U.S. government slated to take up thorny building access issue

The Federal Communications Commission on Thursday is expected to take up the issue of telecommunications carrier access to buildings, one month after kicking the controversial “smart buildings” issue off its agenda.

Specifically, the FCC is expected to stake out its position in a steaming controversy brewing between office building owners across the country and new-breed carriers that want access to more buildings.

The FCC last month, at the request of one commissioner, had put off a vote on the issue.

“We are confident that at minimum we will get a positive first step,” said Jonathan Askin, general counsel for Washington-based Association for Local Telecommunications Services (ALTS).

ALTS represents emerging carriers, which are pushing on the FCC to weigh in and force building landlords to give new market entrants a chance to provide service alongside more entrenched carriers, many of which routinely sign exclusivity contracts with owners.

Real estate groups, however, vehemently oppose what they refer to as “forced access” to buildings. Formidable politicians have also weighed in, expressing concern over FCC intervention in deals between owners and carriers.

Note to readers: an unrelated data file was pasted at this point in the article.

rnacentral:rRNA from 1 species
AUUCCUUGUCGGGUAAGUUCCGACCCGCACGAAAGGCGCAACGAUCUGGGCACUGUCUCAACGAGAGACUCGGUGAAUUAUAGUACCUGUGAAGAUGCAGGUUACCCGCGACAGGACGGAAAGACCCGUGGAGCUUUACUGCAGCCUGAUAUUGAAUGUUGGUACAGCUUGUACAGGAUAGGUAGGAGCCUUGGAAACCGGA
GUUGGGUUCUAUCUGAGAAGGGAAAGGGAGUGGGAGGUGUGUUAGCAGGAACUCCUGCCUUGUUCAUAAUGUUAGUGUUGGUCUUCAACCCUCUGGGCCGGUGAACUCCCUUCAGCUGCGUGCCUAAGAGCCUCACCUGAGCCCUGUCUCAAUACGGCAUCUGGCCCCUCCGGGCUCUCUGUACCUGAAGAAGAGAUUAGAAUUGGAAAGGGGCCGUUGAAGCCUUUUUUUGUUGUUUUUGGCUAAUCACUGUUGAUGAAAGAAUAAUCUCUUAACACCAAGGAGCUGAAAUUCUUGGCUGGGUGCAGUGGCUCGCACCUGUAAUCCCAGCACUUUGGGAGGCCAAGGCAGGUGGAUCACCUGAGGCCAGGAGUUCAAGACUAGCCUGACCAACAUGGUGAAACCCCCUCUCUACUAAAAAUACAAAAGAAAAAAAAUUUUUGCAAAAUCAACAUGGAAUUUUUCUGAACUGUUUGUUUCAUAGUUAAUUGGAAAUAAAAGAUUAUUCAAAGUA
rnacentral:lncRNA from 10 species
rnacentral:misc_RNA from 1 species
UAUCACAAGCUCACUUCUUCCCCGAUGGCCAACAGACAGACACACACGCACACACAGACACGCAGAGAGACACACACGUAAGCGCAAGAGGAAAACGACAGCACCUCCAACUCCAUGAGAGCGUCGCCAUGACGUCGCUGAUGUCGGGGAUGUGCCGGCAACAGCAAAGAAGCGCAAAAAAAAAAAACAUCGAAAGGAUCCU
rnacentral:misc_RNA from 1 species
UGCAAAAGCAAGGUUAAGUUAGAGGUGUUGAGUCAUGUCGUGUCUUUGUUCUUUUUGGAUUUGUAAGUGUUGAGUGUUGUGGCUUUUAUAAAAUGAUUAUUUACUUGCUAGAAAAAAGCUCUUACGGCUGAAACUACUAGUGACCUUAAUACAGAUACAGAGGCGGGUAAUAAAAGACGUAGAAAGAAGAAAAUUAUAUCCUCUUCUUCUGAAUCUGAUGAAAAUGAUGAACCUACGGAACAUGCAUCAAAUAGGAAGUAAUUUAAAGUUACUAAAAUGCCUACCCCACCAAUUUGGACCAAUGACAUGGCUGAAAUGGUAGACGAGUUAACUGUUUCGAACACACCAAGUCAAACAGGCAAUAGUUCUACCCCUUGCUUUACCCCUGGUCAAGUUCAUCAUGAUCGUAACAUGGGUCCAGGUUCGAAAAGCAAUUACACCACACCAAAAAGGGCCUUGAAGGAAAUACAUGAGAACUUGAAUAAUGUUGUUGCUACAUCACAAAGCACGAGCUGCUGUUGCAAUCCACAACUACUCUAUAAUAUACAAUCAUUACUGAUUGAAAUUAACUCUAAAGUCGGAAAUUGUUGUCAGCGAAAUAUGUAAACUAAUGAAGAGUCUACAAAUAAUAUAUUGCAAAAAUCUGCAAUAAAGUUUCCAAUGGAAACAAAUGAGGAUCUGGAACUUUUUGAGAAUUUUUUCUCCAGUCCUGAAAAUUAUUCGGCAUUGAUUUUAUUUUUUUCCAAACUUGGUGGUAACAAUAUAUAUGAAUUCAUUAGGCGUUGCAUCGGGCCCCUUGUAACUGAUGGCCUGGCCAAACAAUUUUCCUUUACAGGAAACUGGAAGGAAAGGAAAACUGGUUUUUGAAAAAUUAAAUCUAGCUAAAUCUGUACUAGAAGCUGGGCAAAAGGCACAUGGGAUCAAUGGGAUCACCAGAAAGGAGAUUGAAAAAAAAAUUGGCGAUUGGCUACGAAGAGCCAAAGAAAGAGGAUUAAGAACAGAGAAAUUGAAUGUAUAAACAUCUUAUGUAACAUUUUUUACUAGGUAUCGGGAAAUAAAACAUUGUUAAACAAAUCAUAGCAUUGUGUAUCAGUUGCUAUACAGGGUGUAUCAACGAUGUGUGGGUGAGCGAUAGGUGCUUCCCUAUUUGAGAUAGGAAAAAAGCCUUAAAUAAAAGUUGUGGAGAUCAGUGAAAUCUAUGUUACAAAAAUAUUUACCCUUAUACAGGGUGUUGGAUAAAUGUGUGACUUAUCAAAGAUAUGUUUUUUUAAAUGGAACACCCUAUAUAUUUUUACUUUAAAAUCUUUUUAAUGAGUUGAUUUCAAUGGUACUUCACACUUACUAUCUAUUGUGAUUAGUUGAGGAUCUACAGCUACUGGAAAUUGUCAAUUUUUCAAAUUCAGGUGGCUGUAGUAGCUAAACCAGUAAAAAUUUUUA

But ALTS and other members that make up the Smart Building Policy Project (SBPP) claim an unrelated, swiftly-moving bill – which would require government agencies to let more telecom providers vie for the privilege of wiring federal buildings – is a signal that Congress may make similar overtures in the private sector.

SBPP stood up Wednesday in support congressional passage of a measure to impose “nondiscriminatory telecommunications access” policies on federal buildings.

The measure was attached to a transportation spending bill that last week passed both houses of Congress and now awaits President Clinton’s signature.

SBPP, which says it represents competitive carriers, consumer groups and software providers, said the congressional move is a nod toward intervention in the marketplace.

Specifically, the group claims that by imposing the measure on federal agencies, Congress has acknowledged “that there are building access barriers to competition in the telecommunications marketplace,” SBPP said in a statement.

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